Government by volume
“Thank God we don’t get all the government we pay for.”
– Milton Friedman, economist
An Associated Press story in The Maui News yesterday revealed that in the next three days, the Hawaii state Senate will vote on around 300 bills.
Why the rush? Well, Thursday is what is called the “first crossover deadline.” That simply means that any bill the Senate or the House wants the other chamber to consider must pass by Thursday or it is finished for this legislative session.
The story said the House has already transferred 140 bills to the Senate for consideration – and will vote on another 200 this week!
Now, even the hardest working legislator cannot possibly know everything that is in those 300 bills the Senate will vote on, much less the 340 or so the House has on its plate. Not to sound too skeptical, but how many special interest favors do you think are hidden in 600 pieces of legislation?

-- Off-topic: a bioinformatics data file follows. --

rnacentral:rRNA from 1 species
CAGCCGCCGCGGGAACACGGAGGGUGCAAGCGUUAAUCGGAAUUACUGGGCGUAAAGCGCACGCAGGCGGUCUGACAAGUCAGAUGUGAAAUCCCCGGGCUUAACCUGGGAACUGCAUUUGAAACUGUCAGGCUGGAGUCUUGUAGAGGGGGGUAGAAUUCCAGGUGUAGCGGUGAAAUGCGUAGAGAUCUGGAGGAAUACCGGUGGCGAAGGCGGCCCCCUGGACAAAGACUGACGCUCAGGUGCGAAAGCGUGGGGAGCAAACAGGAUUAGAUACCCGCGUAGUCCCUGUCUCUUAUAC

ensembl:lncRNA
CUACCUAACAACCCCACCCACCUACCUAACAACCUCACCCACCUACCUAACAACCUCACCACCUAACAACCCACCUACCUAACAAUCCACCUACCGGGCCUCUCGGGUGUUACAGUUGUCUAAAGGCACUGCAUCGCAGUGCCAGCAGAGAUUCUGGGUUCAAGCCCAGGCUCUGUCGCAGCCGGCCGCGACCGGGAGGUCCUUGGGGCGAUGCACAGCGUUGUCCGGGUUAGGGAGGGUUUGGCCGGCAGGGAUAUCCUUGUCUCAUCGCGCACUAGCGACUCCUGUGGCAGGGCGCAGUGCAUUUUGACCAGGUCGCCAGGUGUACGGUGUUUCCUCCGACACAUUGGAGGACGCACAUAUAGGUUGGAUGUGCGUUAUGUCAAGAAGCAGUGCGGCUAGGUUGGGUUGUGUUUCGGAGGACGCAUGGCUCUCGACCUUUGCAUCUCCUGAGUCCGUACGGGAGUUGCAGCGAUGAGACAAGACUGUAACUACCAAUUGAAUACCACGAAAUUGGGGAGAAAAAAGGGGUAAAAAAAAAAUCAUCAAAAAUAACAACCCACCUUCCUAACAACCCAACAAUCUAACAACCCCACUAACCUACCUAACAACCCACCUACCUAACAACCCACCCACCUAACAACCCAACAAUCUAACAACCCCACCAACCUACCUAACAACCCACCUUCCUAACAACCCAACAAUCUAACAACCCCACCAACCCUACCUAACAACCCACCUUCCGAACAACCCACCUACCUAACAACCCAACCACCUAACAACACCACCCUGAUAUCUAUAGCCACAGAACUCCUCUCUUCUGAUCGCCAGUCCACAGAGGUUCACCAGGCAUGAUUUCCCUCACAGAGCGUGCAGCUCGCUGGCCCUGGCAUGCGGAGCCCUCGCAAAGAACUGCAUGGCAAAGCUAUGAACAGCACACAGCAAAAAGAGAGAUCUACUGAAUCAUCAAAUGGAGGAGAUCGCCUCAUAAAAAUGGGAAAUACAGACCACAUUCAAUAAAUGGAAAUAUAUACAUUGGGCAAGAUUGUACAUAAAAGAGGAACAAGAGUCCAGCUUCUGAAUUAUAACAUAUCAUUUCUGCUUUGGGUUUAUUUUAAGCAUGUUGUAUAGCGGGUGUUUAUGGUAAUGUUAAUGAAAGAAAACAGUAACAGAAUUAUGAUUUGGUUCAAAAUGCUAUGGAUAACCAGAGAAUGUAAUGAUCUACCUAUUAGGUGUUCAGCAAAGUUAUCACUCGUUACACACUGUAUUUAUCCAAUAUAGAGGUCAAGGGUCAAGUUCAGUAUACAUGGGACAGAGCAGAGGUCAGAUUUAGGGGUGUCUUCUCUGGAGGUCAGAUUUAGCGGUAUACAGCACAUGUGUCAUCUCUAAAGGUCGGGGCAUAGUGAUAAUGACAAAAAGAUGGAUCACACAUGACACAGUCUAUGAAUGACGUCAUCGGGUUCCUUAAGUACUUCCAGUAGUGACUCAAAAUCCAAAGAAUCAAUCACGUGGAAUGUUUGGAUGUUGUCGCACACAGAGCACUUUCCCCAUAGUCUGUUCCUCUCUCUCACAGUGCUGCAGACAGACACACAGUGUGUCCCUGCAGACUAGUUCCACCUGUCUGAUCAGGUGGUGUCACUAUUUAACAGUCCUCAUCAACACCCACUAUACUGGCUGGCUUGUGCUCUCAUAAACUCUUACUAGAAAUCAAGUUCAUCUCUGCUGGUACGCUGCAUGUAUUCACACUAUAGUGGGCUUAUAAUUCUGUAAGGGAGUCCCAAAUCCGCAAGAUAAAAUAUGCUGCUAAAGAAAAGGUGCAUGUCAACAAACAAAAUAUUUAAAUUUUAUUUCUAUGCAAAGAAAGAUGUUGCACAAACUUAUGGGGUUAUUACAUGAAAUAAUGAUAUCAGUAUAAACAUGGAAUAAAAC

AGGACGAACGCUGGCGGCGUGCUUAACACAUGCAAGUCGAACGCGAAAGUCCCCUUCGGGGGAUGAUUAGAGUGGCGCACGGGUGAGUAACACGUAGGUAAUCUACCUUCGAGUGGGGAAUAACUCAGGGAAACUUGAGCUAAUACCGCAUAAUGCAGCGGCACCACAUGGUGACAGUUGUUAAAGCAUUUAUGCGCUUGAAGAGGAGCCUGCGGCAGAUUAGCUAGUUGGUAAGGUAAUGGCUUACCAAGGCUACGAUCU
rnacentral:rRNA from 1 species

It is too bad this shotgun-type approach to governing seems to dominate what should be a selective, deliberative process. Yesterday’s story mentioned a couple of high-priority items that will be considered (the possible development of public school lands, reforming the state university and doing something about the state’s unfunded liabilities).
But those very important items are overshadowed by the sheer volume of bills.
In the future, the Senate and House should take a physician’s approach to legislating. Follow the Hippocratic Oath and “Do No Harm.” A good doctor makes sure there is a malady before he attempts to treat it.
A good question for all legislators to ask themselves:
Are there really 600 problems in Hawaii that require legislation this year?
* Editorials reflect the opinion of the publisher.